Many people believe that they can start a business without having any personal monies to contribute.  That because of their situation (minority, women, disabled), they can apply for 100% of what they need for their business and get it with no obligations to pay it back.

The Truth – There is no FREE money. No free rides.  Any reward is going to be connected to some kind of accountability.  If you are lucky enough to secure a grant through a local program or foundation, you will most likely be required to use the money as leverage for more money (a loan) or you will be held to a contract agreement that may include requirements like job creation, match money,  etc.

MYTH # 3 – If I buy a book or hire a grant search company, they will uncover the grants for me, guaranteed!

There are literally hundreds of companies whose business model is to find grants for individuals to open businesses. There are also books, cds, and fee based websites.  Fees can start at $50 and go upwards to $5,000 to $10,000.  Many of these companies offer guarantees for success.

The Truth – If you are looking for someone to take the process of searching out of your hands be cautious of promises and “too good to be true” offers.   If a promise is made that you are guaranteed  a grant, proceed with caution.  Federal, state and private grants are public information.  You can find most federal grants on websites like www.grant.gov.  Private foundation grants are listed on websites like www.foundations.orgIf you do decide to work with a company, do yourself a favor and check them out at the Better Business Bureau’s website

Conclusion – The bottom line is that although there many grant websites with many, many listings, grants that go directly to small businesses are quite rare.  If you find one it will most likely be from a local organization, foundation, or specific industry organization.  When you find something start by calling the administrator and get the specifics on the application process and qualifications to make sure that you are eligible.  No need to waste time on an application that you are not eligible for and it also doesn’t hurt to put a bug in the administrator’s ear about your forthcoming application.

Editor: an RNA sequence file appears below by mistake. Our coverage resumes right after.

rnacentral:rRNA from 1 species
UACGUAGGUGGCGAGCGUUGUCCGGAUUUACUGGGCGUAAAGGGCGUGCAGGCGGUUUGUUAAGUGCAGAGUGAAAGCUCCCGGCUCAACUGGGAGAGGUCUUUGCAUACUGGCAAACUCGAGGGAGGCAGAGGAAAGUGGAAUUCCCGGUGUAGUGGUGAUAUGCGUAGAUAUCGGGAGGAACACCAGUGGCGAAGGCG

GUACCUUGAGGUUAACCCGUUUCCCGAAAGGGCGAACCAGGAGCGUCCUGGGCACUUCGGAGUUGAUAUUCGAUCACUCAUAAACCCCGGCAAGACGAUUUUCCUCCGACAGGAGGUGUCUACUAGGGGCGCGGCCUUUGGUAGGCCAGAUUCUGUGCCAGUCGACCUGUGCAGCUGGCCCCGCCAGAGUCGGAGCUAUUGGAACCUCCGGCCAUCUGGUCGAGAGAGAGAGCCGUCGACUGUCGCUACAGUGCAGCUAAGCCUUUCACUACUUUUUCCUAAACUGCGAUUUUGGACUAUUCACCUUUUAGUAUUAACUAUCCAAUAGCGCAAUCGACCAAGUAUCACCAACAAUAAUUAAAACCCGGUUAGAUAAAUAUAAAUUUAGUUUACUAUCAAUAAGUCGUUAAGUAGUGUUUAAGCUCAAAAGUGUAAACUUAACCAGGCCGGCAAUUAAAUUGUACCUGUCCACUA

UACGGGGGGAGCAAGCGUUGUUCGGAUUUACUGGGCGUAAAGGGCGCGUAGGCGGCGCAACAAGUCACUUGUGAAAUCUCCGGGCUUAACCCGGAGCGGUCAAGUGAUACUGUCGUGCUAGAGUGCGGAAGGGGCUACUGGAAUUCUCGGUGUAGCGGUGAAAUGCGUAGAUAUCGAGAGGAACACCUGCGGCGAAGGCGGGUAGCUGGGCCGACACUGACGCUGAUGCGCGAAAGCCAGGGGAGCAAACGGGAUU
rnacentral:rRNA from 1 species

Please feel free to add questions, comments, and opinions to this entry.  And if you know of any grants for small businesses please SHARE! You can contact the Iowa Western Community College Entrepreneurial Center and SBDC by calling 712-256-6552 or visiting our website at www.iwccecenter.com

{ 2 comments… read them below or add one }

Julie June 9, 2008 at 2:18 pm

Sue,
Thanks for pointing out the myths about all that “free money” out there. There are always grant programs for non-profit organizations but that are restricted to 501(c)(3) organizations. Starting a non-profit is, as you know, more than just donating a portion of your proceeds. If business owners want to take that route, they need to get solid legal counsel to guide them through the process.

The blog is great!

Julie

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Wealth and Success September 2, 2008 at 10:31 pm

Thanks for the informative post.. and thanks for adding our comment to the blog. I am subscribing to your feed so I don\’t miss the next post!